Building Rapport in Online Meetings
Build rapport with people online is one of the things people often mention as a challenge in online meetings. Yet with some intention it is possible.
Connection before content
A good practice (whether in person or online) is to be sure to take some time at the beginning of the meeting to connect on a personal level before you jump into the meeting agenda. This could include a check in question such as an ice-breaker. Some people cringe when you mention icebreaker. Yet the question does not have to be “what Harry Potter character are you?” or [fill in the blank with a question you got asked at beginning of a meeting that had nothing to do with the issues at hand]. It can be work-related. Especially with groups who do not know each other making the question relatively safe is often a good place to start. What is your super-power? What is the latest app you discovered and love? What are you hoping we achieve today? If the group is large and you are afraid intro’s and icebreakers will take up a chunk of the meeting time, split people into smaller groups (2-4) and have them introduce themselves in their small group.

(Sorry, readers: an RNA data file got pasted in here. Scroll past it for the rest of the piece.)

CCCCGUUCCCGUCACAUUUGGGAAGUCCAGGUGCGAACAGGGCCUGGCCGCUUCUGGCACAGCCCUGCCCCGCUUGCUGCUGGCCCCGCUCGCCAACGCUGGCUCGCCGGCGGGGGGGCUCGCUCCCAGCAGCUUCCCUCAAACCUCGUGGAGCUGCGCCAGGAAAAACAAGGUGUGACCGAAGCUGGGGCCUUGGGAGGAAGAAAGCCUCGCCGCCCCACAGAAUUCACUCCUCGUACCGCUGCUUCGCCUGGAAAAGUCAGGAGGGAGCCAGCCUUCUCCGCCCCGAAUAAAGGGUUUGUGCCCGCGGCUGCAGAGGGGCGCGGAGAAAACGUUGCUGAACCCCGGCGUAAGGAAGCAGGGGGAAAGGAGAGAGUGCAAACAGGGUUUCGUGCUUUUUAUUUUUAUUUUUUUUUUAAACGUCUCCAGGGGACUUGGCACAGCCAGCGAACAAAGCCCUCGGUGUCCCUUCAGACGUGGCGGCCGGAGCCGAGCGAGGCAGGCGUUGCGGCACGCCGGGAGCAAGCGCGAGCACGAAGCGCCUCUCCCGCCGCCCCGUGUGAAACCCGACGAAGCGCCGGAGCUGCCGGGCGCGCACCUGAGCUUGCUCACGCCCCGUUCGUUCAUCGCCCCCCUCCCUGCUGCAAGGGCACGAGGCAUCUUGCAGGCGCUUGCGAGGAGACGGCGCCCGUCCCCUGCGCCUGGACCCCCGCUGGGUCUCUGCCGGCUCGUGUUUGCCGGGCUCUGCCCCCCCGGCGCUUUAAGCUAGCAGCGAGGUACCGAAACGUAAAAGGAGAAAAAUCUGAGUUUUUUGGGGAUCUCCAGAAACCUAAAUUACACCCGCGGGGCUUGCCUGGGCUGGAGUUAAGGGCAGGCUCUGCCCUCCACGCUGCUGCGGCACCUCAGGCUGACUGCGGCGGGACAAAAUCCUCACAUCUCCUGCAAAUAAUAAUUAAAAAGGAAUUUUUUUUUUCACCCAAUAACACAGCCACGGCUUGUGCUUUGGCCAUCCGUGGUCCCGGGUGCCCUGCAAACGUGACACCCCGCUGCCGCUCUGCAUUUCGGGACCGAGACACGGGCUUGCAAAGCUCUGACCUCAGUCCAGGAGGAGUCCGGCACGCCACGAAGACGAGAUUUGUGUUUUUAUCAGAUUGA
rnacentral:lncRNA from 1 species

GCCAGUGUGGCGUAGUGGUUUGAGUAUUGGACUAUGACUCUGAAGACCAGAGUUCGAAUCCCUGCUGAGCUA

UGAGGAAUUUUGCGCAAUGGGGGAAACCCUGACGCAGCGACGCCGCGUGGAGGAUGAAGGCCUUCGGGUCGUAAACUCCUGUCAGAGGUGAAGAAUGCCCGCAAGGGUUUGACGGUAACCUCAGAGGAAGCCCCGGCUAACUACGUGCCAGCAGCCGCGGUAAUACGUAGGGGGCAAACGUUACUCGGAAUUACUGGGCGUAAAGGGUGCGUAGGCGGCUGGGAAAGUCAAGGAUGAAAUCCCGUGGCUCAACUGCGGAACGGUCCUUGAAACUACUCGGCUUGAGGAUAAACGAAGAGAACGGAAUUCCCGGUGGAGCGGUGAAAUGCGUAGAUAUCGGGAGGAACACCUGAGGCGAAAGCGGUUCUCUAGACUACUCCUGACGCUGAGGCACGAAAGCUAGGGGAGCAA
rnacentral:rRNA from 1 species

If the group is going to be working together for a while, help them have a conversation about how they want to work together. What helps them work effectively in a group? What might get in the way working together online and remotely? How might they address those challenges? It may take a few rounds of brainstorming and refinement to come to a set of agreements that work for everyone. Yet having this list of agreements will help if the group runs into challenges.
Rapport and trust will be lost if a person in the group does not feel like their voice is being heard. They may feel you are rushing through items without sufficient time for discussion. A good practice as a meeting leader is to pose a question or discussion topic and then take a drink of water. It takes a little bit longer on line for people to jump into the conversation. They may hesitate wondering whether someone else is going to talk and not wanting to interrupt anyone. Taking that drink will prevent you from continuing to talk and gives your meeting participants time to gather their thoughts and respond.
Do you really know whether everyone is with you and in agreement? Check in more frequently with the group to make sure:
Don’t assume silence means agreement. This blog post goes into more detail on checking in.
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